• Put in place authorities and establish procedures for altering business operations (possibly changing or closing operations in affected areas) and transferring business knowledge to key employees. For example, many higher ed organizations are cancelling or modifying annual meetings and tournaments to minimize the number of large meetings, especially in outbreak regions.
      • Establish a process to communicate business information to staff.
      • Define what level of absenteeism will disrupt continuity of teaching and learning. Determine how you will operate if staff absenteeism spikes from those who are sick, those who stay home to care for sick family members, and those who must stay home to watch their children if dismissed from school.
    • Consider postponing or canceling student foreign exchange programs, per CDC guidance.
    • Consider alerting the entire campus community about the coronavirus risk, preventive measures, and screening requirements. Advise travelers to contact their primary care provider prior to arriving to the provider for a coronavirus screening, allowing providers to prepare for the visit and take transmission prevention precautions. Here are a few sample school advisories:

    Manage Travel Risks

    United Educators (UE) recommends not sponsoring travel to regions where a CDC Level 3 Travel Alert is in effect. Additionally, if your school’s students or staff are travelling within regions where a CDC Level 3 Travel Alert is in effect, UE recommends:

    • Providing transportation options back to the U.S. for students and staff in outbreak regions. Consider the same for students or staff in nearby countries.
    • Stating in writing that remaining in these regions is completely voluntary and that a student’s program or a staff member’s job does not depend on it. In consultation with legal counsel, consider drafting a release specific to the outbreak for anyone who then chooses to stay in these regions. Discuss the release when speaking about the outbreak and its potential effects with students or staff in these regions.
    • Reading UE’s Preparing for Medical Evacuations Abroad for help identifying current insurance coverages and resources if students or staff remain in the region. If students or staff plan to travel to the region despite warnings, read UE’s Heightened Vigilance Required in Study Abroad Risk Management for waiver and insurance recommendations.

    Deciding whether to allow students or staff to travel to regions that don’t have a CDC Level 3 Travel Alert is a business decision of the institution. 

    UE recommends institutions making these decisions take the following actions:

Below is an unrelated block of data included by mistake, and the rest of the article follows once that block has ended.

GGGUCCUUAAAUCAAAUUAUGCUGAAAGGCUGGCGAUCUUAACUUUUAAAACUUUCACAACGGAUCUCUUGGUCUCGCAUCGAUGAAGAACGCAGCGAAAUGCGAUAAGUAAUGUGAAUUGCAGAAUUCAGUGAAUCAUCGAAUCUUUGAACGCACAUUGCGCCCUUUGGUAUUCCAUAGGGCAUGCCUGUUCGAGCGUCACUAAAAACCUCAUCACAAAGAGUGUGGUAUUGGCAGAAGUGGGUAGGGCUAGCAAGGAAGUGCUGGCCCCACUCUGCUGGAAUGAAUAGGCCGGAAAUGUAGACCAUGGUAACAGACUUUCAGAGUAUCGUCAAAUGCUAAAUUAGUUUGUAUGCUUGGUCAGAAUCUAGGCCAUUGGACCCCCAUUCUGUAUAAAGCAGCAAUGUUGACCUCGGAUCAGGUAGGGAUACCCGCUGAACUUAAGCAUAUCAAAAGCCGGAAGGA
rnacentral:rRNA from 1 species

• Consult with legal counsel and international travel service providers (such as International SOS) regarding the potential standard of care in your school’s jurisdiction and about what other institutions are doing. For example, it’s worth discussing the CDC’s recently issued guidance that higher education institutions consider canceling all foreign exchange and study abroad programs.
    • Send parents, students, and staff informational letters identifying the worldwide risk of coronavirus but noting the region’s current unaffected status. Document your school’s ongoing efforts to track spread of the virus and emergency plans in case infections occur in the region.
    • Draft a release specific to the outbreak and its potential effects.
    • Conduct ongoing monitoring of the worldwide and regional coronavirus outbreak. Update travelers on any change. When CDC levels advance, offer travelers within the region transportation options back to the U.S.

    Prevent Coronavirus Transmission on Campus and Abroad

    The WHO makes the following recommendations to reduce the general risk of transmission of acute respiratory infections including coronavirus:

    • Avoid close contact with people suffering from acute respiratory infections.
    • Wash hands frequently, especially after direct contact with ill people or their environment.
    • Avoid unprotected contact with farm or wild animals.
    • Practice cough etiquette (maintain distance, cover coughs and sneezes with disposable tissues or clothing, and wash hands).
    • Enhance standard infection prevention and control practices when in health care facilities — particularly in hospital emergency departments. 

    Evaluate Liability Risks

    Depending primarily on state negligence law, K-12 schools and higher ed institutions may have a duty to warn against known health risks on campus and abroad. Also dependent on state law, schools and institutions may have a duty to take reasonable preventive measures on campus against the transmission of known health risks.

    UE recommends consulting with local counsel for specific advice on your institution’s potential liability to students and employees in the context of the coronavirus.  

    More From UE

    Preparing for Flu and Other Pandemics

    Assessing Safety of Travel Abroad

    Other Resources

    NAIS — Understanding Coronavirus: What Schools Need to Know

    Inside Higher Ed — Preparing for Coronavirus

    By Melanie Bennett, JD, risk management counsel